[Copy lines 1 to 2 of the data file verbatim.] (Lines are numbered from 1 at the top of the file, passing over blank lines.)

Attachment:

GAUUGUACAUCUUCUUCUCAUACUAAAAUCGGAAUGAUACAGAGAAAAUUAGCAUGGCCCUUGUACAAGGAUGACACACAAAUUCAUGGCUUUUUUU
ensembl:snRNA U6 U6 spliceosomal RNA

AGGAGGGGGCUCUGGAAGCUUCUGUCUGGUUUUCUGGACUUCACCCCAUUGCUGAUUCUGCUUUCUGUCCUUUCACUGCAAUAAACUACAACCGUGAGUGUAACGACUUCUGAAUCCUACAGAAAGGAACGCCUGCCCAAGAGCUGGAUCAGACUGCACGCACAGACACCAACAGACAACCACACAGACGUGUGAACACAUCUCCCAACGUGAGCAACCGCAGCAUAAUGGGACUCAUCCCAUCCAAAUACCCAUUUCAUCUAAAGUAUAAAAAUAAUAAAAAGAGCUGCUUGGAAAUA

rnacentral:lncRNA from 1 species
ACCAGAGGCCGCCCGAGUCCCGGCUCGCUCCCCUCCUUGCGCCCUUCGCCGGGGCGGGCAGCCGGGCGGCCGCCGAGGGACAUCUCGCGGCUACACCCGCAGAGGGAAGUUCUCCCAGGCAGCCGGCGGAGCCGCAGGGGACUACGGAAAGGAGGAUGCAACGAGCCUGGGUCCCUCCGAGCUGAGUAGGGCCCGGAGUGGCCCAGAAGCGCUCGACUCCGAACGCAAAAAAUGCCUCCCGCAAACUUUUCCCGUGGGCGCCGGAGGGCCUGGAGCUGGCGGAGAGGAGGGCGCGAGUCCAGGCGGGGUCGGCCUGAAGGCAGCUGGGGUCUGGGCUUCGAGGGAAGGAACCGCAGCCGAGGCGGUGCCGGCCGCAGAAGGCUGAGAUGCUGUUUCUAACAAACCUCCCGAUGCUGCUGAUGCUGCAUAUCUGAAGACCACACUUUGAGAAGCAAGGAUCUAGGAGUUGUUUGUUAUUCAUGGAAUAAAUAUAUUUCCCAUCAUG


GAUUGUACAUCUUCUUCUCAUACUAAAAUCGGAAUGAUACAGAGAAAAUUAGCAUGGCCCUUGUACAAGGAUGACACACAAAUUCAUGGCUUUUUUU
ensembl:snRNA U6 U6 spliceosomal RNA